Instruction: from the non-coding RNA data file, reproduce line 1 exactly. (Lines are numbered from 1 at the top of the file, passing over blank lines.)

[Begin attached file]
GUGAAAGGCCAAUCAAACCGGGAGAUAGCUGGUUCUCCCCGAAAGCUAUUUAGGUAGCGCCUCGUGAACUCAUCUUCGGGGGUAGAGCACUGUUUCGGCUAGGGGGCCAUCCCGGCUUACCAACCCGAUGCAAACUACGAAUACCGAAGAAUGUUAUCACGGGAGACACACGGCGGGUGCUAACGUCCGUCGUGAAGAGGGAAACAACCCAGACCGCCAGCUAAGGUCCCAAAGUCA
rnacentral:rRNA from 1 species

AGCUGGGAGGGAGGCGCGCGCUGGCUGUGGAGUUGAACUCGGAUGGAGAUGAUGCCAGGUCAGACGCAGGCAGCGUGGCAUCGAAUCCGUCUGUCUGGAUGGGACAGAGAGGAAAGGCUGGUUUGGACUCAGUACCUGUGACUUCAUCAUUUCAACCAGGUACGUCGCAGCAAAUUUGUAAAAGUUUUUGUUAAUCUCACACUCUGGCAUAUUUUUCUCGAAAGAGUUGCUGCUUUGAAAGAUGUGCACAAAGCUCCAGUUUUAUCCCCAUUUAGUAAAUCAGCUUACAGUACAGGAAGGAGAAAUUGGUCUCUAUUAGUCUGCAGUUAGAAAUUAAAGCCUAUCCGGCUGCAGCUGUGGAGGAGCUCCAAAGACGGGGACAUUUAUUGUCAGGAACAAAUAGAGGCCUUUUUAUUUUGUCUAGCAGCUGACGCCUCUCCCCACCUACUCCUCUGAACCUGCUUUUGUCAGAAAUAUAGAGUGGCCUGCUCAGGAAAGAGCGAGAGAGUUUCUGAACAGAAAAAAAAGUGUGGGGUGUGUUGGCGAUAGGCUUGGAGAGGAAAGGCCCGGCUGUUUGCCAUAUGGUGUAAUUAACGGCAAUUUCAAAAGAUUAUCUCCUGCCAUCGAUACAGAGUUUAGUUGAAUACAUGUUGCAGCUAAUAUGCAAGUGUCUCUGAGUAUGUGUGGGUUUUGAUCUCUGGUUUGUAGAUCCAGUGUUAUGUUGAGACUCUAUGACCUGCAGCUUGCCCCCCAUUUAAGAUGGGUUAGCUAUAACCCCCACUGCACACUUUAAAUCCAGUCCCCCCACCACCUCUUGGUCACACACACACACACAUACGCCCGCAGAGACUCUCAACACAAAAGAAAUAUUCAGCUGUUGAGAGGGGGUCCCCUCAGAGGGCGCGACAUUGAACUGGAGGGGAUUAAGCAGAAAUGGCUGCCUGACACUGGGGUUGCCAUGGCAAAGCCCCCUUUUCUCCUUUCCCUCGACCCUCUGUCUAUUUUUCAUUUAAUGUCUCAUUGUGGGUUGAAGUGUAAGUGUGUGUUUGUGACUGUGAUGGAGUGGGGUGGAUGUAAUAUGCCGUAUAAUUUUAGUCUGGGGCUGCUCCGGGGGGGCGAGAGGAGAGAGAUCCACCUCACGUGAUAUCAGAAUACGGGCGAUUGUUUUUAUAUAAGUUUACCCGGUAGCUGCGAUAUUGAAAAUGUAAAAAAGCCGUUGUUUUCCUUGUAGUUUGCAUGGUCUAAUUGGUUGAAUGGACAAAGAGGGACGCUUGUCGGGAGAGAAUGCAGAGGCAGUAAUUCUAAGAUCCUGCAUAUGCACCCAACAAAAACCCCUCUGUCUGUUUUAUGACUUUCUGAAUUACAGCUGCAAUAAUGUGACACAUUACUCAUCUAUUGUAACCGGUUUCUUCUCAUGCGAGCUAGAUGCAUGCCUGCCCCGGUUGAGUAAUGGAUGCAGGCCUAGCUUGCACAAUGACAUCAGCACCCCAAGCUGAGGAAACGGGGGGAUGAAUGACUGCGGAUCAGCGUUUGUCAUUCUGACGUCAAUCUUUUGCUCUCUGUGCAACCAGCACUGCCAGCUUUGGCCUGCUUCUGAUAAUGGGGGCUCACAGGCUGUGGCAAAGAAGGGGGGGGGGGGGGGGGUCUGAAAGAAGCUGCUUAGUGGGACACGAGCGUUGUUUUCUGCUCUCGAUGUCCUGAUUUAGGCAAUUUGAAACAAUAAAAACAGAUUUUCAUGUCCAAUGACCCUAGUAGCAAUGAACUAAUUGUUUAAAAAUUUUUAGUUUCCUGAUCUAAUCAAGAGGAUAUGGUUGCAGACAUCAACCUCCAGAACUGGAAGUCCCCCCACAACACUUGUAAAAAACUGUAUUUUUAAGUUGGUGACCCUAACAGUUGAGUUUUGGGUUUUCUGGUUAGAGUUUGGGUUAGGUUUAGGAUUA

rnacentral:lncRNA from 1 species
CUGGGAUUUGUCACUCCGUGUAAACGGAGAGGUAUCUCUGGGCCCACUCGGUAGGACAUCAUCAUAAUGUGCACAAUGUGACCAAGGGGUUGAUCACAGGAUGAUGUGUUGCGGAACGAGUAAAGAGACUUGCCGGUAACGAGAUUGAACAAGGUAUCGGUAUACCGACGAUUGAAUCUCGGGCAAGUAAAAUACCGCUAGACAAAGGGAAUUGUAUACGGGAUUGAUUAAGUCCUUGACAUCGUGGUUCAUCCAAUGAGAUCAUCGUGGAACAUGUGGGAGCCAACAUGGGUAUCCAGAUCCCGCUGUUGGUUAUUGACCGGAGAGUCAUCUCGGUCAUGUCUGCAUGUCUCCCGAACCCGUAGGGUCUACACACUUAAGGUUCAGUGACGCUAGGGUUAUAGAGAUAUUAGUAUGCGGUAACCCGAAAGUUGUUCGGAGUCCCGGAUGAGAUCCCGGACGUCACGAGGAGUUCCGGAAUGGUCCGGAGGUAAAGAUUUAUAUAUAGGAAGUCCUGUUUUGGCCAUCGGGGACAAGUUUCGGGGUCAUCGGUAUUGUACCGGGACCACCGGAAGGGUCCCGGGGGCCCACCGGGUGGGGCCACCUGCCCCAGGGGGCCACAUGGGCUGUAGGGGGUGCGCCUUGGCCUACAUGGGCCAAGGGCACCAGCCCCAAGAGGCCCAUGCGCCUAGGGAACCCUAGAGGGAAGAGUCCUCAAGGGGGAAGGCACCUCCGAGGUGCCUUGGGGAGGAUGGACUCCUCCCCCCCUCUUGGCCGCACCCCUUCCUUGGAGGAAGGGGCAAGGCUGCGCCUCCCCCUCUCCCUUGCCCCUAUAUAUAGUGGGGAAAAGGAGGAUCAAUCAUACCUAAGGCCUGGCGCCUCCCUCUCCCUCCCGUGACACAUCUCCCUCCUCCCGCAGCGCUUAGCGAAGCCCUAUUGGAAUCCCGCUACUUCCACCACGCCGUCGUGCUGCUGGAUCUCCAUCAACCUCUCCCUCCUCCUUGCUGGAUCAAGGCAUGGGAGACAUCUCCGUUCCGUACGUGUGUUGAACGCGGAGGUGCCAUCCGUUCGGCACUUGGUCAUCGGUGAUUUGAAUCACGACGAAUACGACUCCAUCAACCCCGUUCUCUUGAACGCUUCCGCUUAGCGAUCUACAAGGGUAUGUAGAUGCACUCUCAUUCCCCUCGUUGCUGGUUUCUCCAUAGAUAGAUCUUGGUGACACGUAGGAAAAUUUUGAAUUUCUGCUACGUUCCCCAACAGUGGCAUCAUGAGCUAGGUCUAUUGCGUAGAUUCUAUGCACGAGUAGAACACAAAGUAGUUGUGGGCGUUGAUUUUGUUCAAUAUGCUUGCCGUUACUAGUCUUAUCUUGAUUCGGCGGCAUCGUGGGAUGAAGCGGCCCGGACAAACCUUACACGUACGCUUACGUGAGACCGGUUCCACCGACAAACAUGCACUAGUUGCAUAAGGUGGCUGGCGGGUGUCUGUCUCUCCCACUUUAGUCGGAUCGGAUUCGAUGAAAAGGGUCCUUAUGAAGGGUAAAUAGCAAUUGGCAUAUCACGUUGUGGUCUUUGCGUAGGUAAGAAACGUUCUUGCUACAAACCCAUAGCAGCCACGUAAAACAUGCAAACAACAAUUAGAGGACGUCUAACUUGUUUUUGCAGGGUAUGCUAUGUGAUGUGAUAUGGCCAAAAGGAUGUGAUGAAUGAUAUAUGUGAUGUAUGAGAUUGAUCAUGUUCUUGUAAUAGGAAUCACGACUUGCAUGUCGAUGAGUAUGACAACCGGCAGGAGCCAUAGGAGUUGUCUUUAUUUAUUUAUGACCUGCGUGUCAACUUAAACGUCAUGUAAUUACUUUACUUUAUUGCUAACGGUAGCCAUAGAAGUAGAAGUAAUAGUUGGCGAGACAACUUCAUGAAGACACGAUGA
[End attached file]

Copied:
GUGAAAGGCCAAUCAAACCGGGAGAUAGCUGGUUCUCCCCGAAAGCUAUUUAGGUAGCGCCUCGUGAACUCAUCUUCGGGGGUAGAGCACUGUUUCGGCUAGGGGGCCAUCCCGGCUUACCAACCCGAUGCAAACUACGAAUACCGAAGAAUGUUAUCACGGGAGACACACGGCGGGUGCUAACGUCCGUCGUGAAGAGGGAAACAACCCAGACCGCCAGCUAAGGUCCCAAAGUCA